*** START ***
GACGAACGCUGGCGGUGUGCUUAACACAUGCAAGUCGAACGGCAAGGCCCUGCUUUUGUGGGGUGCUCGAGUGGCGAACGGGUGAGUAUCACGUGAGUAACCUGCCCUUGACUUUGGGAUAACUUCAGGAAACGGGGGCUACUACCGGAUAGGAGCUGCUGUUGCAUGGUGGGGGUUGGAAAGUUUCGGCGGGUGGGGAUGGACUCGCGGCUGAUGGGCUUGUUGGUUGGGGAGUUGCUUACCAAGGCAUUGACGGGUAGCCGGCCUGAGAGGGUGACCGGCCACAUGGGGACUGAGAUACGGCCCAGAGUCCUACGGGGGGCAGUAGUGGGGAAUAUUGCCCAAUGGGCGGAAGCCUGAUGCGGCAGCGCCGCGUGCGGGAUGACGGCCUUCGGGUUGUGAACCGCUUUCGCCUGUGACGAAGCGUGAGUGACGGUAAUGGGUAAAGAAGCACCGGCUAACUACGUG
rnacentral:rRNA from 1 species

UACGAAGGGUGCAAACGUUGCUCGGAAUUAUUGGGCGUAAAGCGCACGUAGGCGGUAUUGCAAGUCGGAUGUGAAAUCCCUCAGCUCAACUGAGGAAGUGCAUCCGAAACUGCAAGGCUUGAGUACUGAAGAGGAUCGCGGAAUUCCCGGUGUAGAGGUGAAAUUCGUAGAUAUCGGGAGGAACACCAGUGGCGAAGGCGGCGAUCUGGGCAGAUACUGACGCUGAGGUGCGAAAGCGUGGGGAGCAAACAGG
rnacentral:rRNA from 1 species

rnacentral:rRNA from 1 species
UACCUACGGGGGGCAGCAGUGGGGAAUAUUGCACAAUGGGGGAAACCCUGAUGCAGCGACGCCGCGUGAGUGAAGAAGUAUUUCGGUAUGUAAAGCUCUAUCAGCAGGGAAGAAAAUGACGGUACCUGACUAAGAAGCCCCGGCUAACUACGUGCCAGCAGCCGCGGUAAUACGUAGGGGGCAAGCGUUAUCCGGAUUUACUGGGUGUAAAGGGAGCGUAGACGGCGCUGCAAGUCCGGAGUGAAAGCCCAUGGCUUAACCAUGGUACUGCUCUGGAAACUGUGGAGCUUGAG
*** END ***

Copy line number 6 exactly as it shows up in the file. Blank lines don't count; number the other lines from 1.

UACCUACGGGGGGCAGCAGUGGGGAAUAUUGCACAAUGGGGGAAACCCUGAUGCAGCGACGCCGCGUGAGUGAAGAAGUAUUUCGGUAUGUAAAGCUCUAUCAGCAGGGAAGAAAAUGACGGUACCUGACUAAGAAGCCCCGGCUAACUACGUGCCAGCAGCCGCGGUAAUACGUAGGGGGCAAGCGUUAUCCGGAUUUACUGGGUGUAAAGGGAGCGUAGACGGCGCUGCAAGUCCGGAGUGAAAGCCCAUGGCUUAACCAUGGUACUGCUCUGGAAACUGUGGAGCUUGAG